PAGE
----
FCC commissioner Ajit Pai says the FCC should not redefine some over-the-top video providers as MVPDs subject to FCC program access regulations.
FCC chairman Tom Wheeler proposed redefining linear over-the-top providers (day-and-date channel lineups similar to traditional cable and satellite) as a way to promote online video competition, but has been getting some pushback from some OVD providers as well as cable operators.
In a speech to the Cable and Satellite Broadcasting Association of Asia Monday in Hong Kong, Pai, whose family comes from India, pointed out he was an over-the-top video consumer and producer (posting YouTube videos of his kids to show family members back home).
He said the over-the-top video marketplace is booming, thanks to the free market and a hands-off government regulatory policy and said those hands should remain off.
"Some have proposed extending to over-the-top providers many of the rules that currently apply to cable operators and satellite providers, regulations that in many cases are over two decades old," he said, a reference to the over-the-top proposal.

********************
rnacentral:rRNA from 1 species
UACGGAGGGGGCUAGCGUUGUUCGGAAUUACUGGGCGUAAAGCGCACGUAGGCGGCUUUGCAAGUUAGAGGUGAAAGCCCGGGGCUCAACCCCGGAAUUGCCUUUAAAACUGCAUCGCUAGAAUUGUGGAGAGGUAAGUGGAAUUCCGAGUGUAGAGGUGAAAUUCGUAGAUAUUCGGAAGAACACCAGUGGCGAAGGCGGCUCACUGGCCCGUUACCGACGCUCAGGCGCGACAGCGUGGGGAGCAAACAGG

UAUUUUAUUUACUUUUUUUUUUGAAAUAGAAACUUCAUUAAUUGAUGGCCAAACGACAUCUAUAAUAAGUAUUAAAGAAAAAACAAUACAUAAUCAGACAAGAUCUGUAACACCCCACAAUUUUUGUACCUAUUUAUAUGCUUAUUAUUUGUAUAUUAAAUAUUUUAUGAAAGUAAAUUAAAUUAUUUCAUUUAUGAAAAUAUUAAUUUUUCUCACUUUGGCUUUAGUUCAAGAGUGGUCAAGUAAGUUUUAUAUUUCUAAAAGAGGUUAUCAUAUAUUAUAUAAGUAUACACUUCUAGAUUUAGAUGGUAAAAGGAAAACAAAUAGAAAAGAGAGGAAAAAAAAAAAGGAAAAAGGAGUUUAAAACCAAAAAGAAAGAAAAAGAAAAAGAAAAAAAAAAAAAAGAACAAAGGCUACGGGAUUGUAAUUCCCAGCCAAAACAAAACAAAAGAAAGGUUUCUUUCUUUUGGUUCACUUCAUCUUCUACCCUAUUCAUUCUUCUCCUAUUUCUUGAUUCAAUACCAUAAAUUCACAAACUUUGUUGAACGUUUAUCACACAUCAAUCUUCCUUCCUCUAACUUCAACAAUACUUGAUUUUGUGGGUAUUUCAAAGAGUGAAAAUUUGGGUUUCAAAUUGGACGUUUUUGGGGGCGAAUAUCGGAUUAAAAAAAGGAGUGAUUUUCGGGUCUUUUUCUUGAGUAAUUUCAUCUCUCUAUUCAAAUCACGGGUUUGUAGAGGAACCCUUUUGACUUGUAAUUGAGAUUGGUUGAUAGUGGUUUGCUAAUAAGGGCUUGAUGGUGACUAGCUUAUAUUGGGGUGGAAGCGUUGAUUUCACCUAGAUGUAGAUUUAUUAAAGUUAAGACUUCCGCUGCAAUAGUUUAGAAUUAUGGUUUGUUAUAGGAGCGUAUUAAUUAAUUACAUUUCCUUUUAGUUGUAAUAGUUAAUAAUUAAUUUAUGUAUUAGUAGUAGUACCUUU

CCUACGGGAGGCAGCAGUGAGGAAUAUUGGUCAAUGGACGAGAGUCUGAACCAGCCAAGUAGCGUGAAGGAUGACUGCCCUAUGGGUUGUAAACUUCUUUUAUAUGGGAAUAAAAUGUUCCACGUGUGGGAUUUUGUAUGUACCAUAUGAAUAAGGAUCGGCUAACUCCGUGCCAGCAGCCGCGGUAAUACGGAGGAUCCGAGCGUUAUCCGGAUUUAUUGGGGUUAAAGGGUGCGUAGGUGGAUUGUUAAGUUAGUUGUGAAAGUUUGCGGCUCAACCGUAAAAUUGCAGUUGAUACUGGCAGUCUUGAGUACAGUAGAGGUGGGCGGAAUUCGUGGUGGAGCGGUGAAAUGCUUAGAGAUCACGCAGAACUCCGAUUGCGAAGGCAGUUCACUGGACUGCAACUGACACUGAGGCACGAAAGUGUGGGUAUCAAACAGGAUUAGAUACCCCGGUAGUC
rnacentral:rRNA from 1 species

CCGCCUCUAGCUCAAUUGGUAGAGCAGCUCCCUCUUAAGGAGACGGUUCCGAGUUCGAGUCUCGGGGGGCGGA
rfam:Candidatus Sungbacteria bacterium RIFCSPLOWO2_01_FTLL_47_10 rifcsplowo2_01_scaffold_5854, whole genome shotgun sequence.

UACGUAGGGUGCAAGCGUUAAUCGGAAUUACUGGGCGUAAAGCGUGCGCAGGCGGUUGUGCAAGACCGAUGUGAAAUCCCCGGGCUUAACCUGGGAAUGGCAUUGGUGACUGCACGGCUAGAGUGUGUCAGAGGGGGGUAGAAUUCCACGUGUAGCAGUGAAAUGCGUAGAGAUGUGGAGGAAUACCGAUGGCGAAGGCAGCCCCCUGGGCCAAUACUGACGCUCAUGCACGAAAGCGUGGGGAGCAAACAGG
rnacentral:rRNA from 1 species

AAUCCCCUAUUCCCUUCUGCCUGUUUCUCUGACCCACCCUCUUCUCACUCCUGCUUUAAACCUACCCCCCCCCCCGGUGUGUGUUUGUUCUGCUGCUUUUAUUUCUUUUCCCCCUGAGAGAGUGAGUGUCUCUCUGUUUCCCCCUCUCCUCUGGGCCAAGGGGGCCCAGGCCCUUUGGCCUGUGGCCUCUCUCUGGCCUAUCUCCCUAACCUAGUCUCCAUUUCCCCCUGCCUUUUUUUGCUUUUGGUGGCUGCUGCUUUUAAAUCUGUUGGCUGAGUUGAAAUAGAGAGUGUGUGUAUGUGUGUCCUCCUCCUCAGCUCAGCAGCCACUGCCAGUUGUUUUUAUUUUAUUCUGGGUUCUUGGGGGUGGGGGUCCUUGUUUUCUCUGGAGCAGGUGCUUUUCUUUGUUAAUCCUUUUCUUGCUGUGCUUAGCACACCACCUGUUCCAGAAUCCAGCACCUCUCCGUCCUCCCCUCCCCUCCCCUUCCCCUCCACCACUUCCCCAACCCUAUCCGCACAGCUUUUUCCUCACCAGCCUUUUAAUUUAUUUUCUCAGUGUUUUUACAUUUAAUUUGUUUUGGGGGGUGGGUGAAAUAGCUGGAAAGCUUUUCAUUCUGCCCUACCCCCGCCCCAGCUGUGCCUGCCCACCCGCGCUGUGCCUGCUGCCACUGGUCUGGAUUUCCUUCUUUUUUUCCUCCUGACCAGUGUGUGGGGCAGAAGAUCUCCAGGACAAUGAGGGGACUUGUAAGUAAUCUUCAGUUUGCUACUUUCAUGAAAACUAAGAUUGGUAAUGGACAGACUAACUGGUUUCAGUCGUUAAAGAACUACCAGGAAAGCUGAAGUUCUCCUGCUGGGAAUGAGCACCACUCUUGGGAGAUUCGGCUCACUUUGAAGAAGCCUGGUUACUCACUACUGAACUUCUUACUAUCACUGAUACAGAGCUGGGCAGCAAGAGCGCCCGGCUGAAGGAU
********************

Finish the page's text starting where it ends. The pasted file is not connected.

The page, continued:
"I strongly oppose this idea. Given the remarkable success of the over-the-top video industry—success driven in part by regulatory restraint—I don’t believe we should change our regulatory approach," he said. "A leading over-the-top provider, Amazon, put it well when it told U.S. regulators, 'There has been no indication that additional regulation is needed to enable this new industry to grow and bring consumers even more benefits.'"
He cited the recent speech by Democratic Rep. Frank Pallone (D-N.J.), ranking member of the House Energy & Commerce Committee, against regulation of online video providers as evidence that he was not alone.
"'In the case of defining online video providers as cable companies, I do not think we can say yes,'” Pai said, quoting Pallone. "I couldn’t agree more."
Wheeler has said to look for a final vote this fall on his proposal to define day-and-date over-the-top video services as MVPDs, at least as it regards access to programming. His stated goal is to insure nondiscriminatory access to programming, both cable and broadcast. To do that he is seeking to read out the "facilities-based" requirement in the definition of MVPD. Cable operators and over-the-top services alike have registered reservations about that move.
Pallone advised not to proceed along that path.
"For me as a regulator and an online video consumer," said Pai, "the way forward is simple. There is no market failure. There is no problem to be solved."